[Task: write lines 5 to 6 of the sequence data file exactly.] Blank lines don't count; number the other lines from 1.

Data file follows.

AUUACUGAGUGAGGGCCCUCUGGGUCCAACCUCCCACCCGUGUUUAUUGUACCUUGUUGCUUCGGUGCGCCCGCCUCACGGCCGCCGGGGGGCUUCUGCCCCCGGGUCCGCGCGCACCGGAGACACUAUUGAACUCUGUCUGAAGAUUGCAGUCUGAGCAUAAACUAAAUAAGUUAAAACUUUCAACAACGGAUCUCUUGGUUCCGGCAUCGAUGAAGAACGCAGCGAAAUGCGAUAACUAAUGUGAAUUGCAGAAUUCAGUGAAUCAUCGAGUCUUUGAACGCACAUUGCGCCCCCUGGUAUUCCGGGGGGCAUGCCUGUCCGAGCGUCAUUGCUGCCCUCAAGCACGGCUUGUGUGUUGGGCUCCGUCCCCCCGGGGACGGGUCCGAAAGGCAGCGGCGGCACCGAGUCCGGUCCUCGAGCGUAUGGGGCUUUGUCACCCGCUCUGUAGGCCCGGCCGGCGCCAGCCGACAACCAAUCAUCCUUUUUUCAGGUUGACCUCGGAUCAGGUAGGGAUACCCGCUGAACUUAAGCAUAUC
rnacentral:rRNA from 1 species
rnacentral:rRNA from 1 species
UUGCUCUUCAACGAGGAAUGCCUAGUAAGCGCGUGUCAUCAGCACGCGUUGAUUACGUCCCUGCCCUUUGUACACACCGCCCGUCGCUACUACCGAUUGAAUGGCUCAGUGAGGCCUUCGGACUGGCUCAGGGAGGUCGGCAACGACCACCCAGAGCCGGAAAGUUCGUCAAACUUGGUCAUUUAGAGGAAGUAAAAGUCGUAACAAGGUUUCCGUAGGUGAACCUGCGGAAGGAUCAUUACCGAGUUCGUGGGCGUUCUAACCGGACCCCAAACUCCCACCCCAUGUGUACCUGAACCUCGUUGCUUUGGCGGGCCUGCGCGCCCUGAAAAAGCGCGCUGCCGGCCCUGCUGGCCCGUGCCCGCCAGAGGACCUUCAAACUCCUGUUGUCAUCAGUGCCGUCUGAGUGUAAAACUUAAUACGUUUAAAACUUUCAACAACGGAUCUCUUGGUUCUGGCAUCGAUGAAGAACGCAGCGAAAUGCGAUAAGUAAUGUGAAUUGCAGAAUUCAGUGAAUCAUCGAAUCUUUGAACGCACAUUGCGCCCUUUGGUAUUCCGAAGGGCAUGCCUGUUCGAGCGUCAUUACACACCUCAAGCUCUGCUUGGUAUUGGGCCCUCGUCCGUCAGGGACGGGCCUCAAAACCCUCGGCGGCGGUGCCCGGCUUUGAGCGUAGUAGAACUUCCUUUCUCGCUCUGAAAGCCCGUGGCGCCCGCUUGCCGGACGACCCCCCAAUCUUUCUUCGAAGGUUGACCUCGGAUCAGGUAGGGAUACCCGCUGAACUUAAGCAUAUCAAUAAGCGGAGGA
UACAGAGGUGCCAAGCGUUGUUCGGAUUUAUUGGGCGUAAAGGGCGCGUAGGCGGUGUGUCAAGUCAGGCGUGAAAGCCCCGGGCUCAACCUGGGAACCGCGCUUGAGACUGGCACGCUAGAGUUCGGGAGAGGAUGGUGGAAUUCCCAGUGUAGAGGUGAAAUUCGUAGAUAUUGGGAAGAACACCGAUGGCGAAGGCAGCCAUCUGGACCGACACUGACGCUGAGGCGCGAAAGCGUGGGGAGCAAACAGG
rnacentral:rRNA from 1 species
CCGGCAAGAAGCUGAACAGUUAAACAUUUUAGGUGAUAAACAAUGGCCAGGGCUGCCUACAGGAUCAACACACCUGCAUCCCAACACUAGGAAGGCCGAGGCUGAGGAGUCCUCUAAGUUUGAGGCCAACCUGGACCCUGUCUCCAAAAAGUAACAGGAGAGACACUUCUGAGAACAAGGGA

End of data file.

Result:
UACAGAGGUGCCAAGCGUUGUUCGGAUUUAUUGGGCGUAAAGGGCGCGUAGGCGGUGUGUCAAGUCAGGCGUGAAAGCCCCGGGCUCAACCUGGGAACCGCGCUUGAGACUGGCACGCUAGAGUUCGGGAGAGGAUGGUGGAAUUCCCAGUGUAGAGGUGAAAUUCGUAGAUAUUGGGAAGAACACCGAUGGCGAAGGCAGCCAUCUGGACCGACACUGACGCUGAGGCGCGAAAGCGUGGGGAGCAAACAGG
rnacentral:rRNA from 1 species